In January 2011, Akunin called for a mass internet campaign for the release of Khodorkovsky and his colleague Platon Lebedev. This entry into his blog was made following another prison sentence for Khodorkovsky, which was ruled in late 2010, and which would extended his service until 2017.
In January 2012, ahead of Presidential elections in the country, Boris Akunin together with 15 other Russian activists, celebrities and high-profile journalists founded the League of Voters – an organization aimed to prevent election-rigging and generally promote public participation in politics. All members of the league have earlier participated in mass rallies that took place in Moscow in late December to protest against alleged violations committed by the authorities overseeing the December 4 parliamentary poll.
The importance of being earnest
Although Grigory Chkhartishvili can’t compete with Boris Akunin’s success he too has much to be proud of. In 2009 Chkhartishvili was awarded the Japanese Order of the Rising Sun - the second most prestigious Japanese decoration - for his contribution to the development of Russian - Japanese cultural ties. In the last 50 years only 30 Russians have been given that honor – among them the musicians Mstislav Rostropovich and Valery Gergiev.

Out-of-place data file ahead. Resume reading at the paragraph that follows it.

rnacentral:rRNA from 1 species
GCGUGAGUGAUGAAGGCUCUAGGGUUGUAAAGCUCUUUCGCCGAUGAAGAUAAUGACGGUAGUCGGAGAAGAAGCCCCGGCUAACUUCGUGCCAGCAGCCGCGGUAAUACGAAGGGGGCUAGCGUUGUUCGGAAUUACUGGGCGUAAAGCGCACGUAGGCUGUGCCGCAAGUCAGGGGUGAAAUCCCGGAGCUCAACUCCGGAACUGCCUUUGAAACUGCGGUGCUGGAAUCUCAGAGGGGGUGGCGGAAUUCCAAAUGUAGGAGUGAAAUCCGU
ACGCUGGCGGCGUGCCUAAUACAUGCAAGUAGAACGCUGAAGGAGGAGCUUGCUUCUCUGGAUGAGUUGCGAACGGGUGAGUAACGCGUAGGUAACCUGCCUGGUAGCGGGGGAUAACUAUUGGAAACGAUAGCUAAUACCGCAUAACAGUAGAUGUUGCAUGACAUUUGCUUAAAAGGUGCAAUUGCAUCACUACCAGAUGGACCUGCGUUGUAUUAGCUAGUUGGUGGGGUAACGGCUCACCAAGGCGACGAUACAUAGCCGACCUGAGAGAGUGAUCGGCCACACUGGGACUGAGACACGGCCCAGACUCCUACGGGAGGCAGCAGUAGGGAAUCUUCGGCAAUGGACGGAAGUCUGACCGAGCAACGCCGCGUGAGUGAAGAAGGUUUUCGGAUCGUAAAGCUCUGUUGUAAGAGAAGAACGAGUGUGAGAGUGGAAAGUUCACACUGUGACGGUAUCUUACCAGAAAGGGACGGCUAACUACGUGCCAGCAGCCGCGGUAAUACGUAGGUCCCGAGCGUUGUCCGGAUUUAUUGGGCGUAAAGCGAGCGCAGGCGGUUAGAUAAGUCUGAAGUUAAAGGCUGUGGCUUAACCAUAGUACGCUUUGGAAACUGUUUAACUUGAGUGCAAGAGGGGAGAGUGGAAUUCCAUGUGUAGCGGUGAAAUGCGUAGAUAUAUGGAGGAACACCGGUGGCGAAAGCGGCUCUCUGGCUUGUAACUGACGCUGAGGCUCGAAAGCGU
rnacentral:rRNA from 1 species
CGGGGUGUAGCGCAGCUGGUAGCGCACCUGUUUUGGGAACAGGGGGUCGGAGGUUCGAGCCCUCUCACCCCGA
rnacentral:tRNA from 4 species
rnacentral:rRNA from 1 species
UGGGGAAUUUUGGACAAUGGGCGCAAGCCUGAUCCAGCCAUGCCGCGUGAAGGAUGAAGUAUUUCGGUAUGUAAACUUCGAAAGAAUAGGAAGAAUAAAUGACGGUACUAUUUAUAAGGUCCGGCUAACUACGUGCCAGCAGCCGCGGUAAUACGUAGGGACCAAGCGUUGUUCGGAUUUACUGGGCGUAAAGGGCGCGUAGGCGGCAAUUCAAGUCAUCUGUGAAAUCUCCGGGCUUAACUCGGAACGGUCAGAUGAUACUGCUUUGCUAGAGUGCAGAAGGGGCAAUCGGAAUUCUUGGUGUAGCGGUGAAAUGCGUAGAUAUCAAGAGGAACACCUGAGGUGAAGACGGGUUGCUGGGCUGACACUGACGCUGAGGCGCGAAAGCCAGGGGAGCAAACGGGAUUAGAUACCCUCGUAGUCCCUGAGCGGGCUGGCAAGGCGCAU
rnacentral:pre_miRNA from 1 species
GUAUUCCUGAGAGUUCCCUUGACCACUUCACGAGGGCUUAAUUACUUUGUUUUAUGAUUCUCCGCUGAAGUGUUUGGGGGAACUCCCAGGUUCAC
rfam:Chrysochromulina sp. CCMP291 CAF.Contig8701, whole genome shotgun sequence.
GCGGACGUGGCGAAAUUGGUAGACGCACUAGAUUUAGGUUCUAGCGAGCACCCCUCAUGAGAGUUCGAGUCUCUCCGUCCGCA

Grigory says he didn’t expect to receive the award and was flattered beyond measure. “Usually it is given to people who are much older than me. I was extremely pleased about the news, especially because I’ve been writing detective fiction, I thought I had ceased to be a serious man. And this award helps me remember that I used to be a serious man at one point, when I translated Japanese literature.”
Written by Olga Prodan, RT